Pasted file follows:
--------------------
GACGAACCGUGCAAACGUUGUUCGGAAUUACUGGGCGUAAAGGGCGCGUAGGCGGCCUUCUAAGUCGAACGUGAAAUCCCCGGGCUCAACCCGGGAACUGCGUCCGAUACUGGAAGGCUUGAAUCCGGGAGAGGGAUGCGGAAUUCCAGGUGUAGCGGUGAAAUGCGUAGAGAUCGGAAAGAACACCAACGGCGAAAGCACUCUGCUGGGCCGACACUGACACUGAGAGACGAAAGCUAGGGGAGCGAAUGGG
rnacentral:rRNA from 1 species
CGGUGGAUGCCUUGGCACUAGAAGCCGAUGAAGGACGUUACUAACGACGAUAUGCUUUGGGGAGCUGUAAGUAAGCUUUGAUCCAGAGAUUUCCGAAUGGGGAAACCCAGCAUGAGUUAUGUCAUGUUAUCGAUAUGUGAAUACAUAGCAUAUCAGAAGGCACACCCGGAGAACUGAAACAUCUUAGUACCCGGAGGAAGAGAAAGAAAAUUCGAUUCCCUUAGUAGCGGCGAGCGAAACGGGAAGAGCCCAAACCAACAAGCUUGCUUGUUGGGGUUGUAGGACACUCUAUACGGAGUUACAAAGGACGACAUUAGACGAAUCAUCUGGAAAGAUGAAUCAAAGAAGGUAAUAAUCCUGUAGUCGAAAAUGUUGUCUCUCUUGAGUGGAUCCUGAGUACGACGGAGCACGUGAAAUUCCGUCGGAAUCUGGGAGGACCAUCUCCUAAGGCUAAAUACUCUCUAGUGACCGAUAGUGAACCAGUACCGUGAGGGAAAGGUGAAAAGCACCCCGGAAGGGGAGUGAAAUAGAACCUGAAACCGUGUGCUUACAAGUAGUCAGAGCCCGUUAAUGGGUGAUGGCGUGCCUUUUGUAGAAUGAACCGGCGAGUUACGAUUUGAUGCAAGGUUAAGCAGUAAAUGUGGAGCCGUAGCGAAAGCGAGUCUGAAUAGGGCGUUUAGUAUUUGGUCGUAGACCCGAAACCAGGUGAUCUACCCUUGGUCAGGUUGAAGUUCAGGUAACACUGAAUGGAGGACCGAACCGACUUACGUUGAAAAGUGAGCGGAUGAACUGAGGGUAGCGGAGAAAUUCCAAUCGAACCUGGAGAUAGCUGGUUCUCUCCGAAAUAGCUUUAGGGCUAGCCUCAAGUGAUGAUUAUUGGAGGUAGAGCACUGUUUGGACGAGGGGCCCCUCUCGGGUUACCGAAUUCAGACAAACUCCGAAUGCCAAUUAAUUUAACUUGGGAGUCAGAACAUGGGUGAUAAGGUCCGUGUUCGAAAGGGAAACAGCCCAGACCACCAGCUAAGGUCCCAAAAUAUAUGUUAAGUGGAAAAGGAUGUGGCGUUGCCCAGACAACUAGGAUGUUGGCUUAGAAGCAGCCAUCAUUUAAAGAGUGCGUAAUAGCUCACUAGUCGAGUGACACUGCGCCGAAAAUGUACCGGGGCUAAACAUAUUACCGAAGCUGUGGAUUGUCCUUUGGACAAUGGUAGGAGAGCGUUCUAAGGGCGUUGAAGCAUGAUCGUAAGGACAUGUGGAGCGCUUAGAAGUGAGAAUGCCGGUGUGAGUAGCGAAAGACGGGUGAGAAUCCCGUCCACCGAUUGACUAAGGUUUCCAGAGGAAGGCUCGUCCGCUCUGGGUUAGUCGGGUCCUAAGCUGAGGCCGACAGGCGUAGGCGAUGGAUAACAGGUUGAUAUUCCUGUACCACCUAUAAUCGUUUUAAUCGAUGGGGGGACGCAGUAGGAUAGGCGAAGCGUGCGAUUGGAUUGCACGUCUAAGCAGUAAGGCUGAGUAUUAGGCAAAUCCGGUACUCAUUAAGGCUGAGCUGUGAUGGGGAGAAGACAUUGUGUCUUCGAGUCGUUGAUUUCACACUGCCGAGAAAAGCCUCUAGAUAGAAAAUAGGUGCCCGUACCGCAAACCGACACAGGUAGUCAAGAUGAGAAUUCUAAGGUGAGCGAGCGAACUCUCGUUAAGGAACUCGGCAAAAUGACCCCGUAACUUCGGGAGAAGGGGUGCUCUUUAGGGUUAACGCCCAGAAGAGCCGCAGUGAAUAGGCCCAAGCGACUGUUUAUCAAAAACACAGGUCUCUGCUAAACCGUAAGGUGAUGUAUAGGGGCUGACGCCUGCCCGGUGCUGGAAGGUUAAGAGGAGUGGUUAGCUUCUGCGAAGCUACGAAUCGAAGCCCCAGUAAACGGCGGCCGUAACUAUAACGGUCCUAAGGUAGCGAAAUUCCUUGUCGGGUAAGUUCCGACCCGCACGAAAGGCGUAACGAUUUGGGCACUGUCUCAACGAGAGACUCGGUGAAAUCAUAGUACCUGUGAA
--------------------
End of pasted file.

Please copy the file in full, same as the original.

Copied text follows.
GACGAACCGUGCAAACGUUGUUCGGAAUUACUGGGCGUAAAGGGCGCGUAGGCGGCCUUCUAAGUCGAACGUGAAAUCCCCGGGCUCAACCCGGGAACUGCGUCCGAUACUGGAAGGCUUGAAUCCGGGAGAGGGAUGCGGAAUUCCAGGUGUAGCGGUGAAAUGCGUAGAGAUCGGAAAGAACACCAACGGCGAAAGCACUCUGCUGGGCCGACACUGACACUGAGAGACGAAAGCUAGGGGAGCGAAUGGG
rnacentral:rRNA from 1 species
CGGUGGAUGCCUUGGCACUAGAAGCCGAUGAAGGACGUUACUAACGACGAUAUGCUUUGGGGAGCUGUAAGUAAGCUUUGAUCCAGAGAUUUCCGAAUGGGGAAACCCAGCAUGAGUUAUGUCAUGUUAUCGAUAUGUGAAUACAUAGCAUAUCAGAAGGCACACCCGGAGAACUGAAACAUCUUAGUACCCGGAGGAAGAGAAAGAAAAUUCGAUUCCCUUAGUAGCGGCGAGCGAAACGGGAAGAGCCCAAACCAACAAGCUUGCUUGUUGGGGUUGUAGGACACUCUAUACGGAGUUACAAAGGACGACAUUAGACGAAUCAUCUGGAAAGAUGAAUCAAAGAAGGUAAUAAUCCUGUAGUCGAAAAUGUUGUCUCUCUUGAGUGGAUCCUGAGUACGACGGAGCACGUGAAAUUCCGUCGGAAUCUGGGAGGACCAUCUCCUAAGGCUAAAUACUCUCUAGUGACCGAUAGUGAACCAGUACCGUGAGGGAAAGGUGAAAAGCACCCCGGAAGGGGAGUGAAAUAGAACCUGAAACCGUGUGCUUACAAGUAGUCAGAGCCCGUUAAUGGGUGAUGGCGUGCCUUUUGUAGAAUGAACCGGCGAGUUACGAUUUGAUGCAAGGUUAAGCAGUAAAUGUGGAGCCGUAGCGAAAGCGAGUCUGAAUAGGGCGUUUAGUAUUUGGUCGUAGACCCGAAACCAGGUGAUCUACCCUUGGUCAGGUUGAAGUUCAGGUAACACUGAAUGGAGGACCGAACCGACUUACGUUGAAAAGUGAGCGGAUGAACUGAGGGUAGCGGAGAAAUUCCAAUCGAACCUGGAGAUAGCUGGUUCUCUCCGAAAUAGCUUUAGGGCUAGCCUCAAGUGAUGAUUAUUGGAGGUAGAGCACUGUUUGGACGAGGGGCCCCUCUCGGGUUACCGAAUUCAGACAAACUCCGAAUGCCAAUUAAUUUAACUUGGGAGUCAGAACAUGGGUGAUAAGGUCCGUGUUCGAAAGGGAAACAGCCCAGACCACCAGCUAAGGUCCCAAAAUAUAUGUUAAGUGGAAAAGGAUGUGGCGUUGCCCAGACAACUAGGAUGUUGGCUUAGAAGCAGCCAUCAUUUAAAGAGUGCGUAAUAGCUCACUAGUCGAGUGACACUGCGCCGAAAAUGUACCGGGGCUAAACAUAUUACCGAAGCUGUGGAUUGUCCUUUGGACAAUGGUAGGAGAGCGUUCUAAGGGCGUUGAAGCAUGAUCGUAAGGACAUGUGGAGCGCUUAGAAGUGAGAAUGCCGGUGUGAGUAGCGAAAGACGGGUGAGAAUCCCGUCCACCGAUUGACUAAGGUUUCCAGAGGAAGGCUCGUCCGCUCUGGGUUAGUCGGGUCCUAAGCUGAGGCCGACAGGCGUAGGCGAUGGAUAACAGGUUGAUAUUCCUGUACCACCUAUAAUCGUUUUAAUCGAUGGGGGGACGCAGUAGGAUAGGCGAAGCGUGCGAUUGGAUUGCACGUCUAAGCAGUAAGGCUGAGUAUUAGGCAAAUCCGGUACUCAUUAAGGCUGAGCUGUGAUGGGGAGAAGACAUUGUGUCUUCGAGUCGUUGAUUUCACACUGCCGAGAAAAGCCUCUAGAUAGAAAAUAGGUGCCCGUACCGCAAACCGACACAGGUAGUCAAGAUGAGAAUUCUAAGGUGAGCGAGCGAACUCUCGUUAAGGAACUCGGCAAAAUGACCCCGUAACUUCGGGAGAAGGGGUGCUCUUUAGGGUUAACGCCCAGAAGAGCCGCAGUGAAUAGGCCCAAGCGACUGUUUAUCAAAAACACAGGUCUCUGCUAAACCGUAAGGUGAUGUAUAGGGGCUGACGCCUGCCCGGUGCUGGAAGGUUAAGAGGAGUGGUUAGCUUCUGCGAAGCUACGAAUCGAAGCCCCAGUAAACGGCGGCCGUAACUAUAACGGUCCUAAGGUAGCGAAAUUCCUUGUCGGGUAAGUUCCGACCCGCACGAAAGGCGUAACGAUUUGGGCACUGUCUCAACGAGAGACUCGGUGAAAUCAUAGUACCUGUGAA